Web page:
1939 – 2004
William Joseph Baughn was born May 25, 1939 in Savannah, GA and died March 26, 2004 in Jacksonville, FL. He was cremated and his ashes will be interred in a private family cemetery on Daufuskie Island, SC at some future date.
Bill was in the Navy and served as a photographer’s mate; I believe it was during this period of his life when he flew with the Hurricane Hunters one season. He worked for a paper mill, stocked convenience stores along the Florida coast, was a longshoreman in South Florida, sold cars, was with the fire department, was a private detective and photographer — I’ve probably forgotten some of the things he did PJ (pre-Joyce). In the summer of ’64, Bill worked as a bodyguard for a network cameraman covering the Race Riots at St Augustine beach, then “ran” the film to the Jacksonville airport to be flown to New York each afternoon to meet network deadlines. Then he went to New York City to cover their race riots and quickly learned to wear clip-on ties, so as not to provide “choke holds” for the “enemy” if a fight broke out! This was the beginning of his career as a stage hand/theatrical technician. This field suited him well. It allowed him the variety and change he needed and it utilized, encouraged and developed his unique way of thinking “outside the box”, a talent little understood by most of us and usually discouraged in the business world.
On May 1, 1968 Bill met Joyce Cox in a small Oklahoma town. It was love at first sight for both, a love that only grew stronger with time. We married May 25, 1971 in Kingsland, GA. Bill had already been down the rocky road of marriage that didn’t work out, but he had two wonderful sons he was proud of: Marc and Bill Jr.
In our early years, we traveled a lot with Bill’s work. He worked on several movies (including “Conrack”), traveled with network newsreel teams, summer opera in Cincinnati and Saratoga Springs, NY, many television series and too many stage productions, concerts, specials and commercials to count. The fun of travel, challenge of such varied assignments and the general thrill of being young and together was wonderful.
As we, and our families, got older, we began to think about settling down. We moved to Dallas and entered a new phase of development. Bill finally had a place for a shop and bought a lathe he had long wanted (he had 5 lathes when he died!) and became a master wood turner. For several years we did Arts & Crafts shows, selling his work. My Bill, who could be so impatient with so much of life, had all the patience in the world when at the lathe. It was pure therapy for him.
While we were in Dallas, amputee support groups began springing up around the country. We started and ran the North Texas Amputee Support Group. This is when we bought our first computer. Bill put out a newsletter that had a far greater reach and impact than the local group. Bill did almost all the writing for the newsletter and found he enjoyed and had a real talent for the writing and research needed for some of his articles.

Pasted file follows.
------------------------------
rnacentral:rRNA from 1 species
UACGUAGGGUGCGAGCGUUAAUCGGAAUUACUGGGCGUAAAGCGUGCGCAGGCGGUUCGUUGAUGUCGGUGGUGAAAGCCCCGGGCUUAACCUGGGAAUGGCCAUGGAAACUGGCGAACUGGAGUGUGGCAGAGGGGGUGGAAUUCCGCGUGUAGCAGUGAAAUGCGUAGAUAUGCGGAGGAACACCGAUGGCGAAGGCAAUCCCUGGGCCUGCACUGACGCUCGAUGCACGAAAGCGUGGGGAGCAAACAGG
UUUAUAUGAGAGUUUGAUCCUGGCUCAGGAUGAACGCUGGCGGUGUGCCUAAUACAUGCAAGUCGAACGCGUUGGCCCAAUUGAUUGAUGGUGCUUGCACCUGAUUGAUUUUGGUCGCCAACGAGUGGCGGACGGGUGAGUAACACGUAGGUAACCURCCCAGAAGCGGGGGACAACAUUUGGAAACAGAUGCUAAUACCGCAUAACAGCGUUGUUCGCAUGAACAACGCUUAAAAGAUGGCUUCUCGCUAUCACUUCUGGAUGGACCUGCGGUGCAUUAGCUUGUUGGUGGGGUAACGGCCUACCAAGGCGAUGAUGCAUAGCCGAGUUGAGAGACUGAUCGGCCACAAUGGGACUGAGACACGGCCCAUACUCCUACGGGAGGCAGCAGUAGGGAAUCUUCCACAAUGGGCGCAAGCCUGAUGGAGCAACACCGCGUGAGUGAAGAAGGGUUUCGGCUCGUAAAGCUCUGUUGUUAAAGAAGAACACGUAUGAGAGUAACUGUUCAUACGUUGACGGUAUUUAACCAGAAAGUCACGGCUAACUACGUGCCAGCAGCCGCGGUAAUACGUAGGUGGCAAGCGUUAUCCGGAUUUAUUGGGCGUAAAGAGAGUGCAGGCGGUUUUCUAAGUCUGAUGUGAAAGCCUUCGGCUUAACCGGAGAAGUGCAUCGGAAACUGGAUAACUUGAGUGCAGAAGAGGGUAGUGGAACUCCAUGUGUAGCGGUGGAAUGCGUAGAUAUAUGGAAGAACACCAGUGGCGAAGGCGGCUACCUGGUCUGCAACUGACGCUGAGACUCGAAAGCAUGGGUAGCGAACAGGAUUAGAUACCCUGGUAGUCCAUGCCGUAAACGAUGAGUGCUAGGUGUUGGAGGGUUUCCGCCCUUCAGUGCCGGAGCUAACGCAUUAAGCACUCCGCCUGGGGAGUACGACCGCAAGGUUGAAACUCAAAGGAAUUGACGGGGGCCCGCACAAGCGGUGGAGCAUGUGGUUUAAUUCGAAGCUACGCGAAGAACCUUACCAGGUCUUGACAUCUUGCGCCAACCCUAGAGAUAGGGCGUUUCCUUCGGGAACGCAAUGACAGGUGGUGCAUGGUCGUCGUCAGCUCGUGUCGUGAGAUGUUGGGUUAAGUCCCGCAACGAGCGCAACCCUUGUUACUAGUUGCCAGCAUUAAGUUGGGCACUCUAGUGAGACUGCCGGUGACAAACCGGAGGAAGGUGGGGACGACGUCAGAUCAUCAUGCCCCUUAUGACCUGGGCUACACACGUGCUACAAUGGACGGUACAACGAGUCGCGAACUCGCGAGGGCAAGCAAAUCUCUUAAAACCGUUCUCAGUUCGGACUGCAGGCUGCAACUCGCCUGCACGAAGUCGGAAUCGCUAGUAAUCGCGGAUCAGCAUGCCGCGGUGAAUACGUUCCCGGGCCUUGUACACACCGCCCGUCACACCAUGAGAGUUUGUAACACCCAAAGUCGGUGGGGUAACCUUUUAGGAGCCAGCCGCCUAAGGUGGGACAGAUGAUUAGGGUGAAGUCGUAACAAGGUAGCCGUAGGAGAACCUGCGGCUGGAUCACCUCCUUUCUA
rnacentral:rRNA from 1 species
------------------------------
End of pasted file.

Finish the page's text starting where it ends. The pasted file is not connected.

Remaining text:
In 1991 we decided it was time to return to Jacksonville to help care for his elderly Mother and her sister. We bought a house, Bill returned to stage work, and we settled in. We decided against becoming involved with another local support group (NTASG folded not long after we left Dallas) but were still interested in the issues. It was during this time that the internet came into it’s own as a tool for the general public. In 1995 Bill started the I-CAN mailing list and shortly thereafter the web site. In part, this was prompted by a conversation we had with my parents about their side of my “accident” — young parents (23 and 25) with little education or money and no understanding or support for the future they faced. Mother did eventually correspond with two other mothers with daughters without hands but “snail mail” was slow. A couple of soldiers even came by to talk with them. They did an outstanding job but how much easier it would have been if they could have had a resource like Bill envisioned.
In July ’97 we held our first I-CAN meeting in Birmingham and there has been a meeting each year since. It was our conviction that the meeting of parents and mentors, along with the families, would have more impact than any other single thing. I believe this has proved to be true.
The end of July 2003, Bill was diagnosed with small cell lung cancer. He took chemotherapy and radiation and tolerated both extremely well. He was pronounced in total remission the end of December. We knew he didn’t have long but expected a couple of years so we started planning to return to Texas. On March 13, 2004, I again had to take him to the emergency room because he couldn’t breath. Thirteen days later he was gone. His passing was easy, with no pain until the last 36 hours. I guess I couldn’t ask for much more — except another 33 years.
Pictures of Bill are rare as he was always behind the camera. Here are some that have been captured over the years.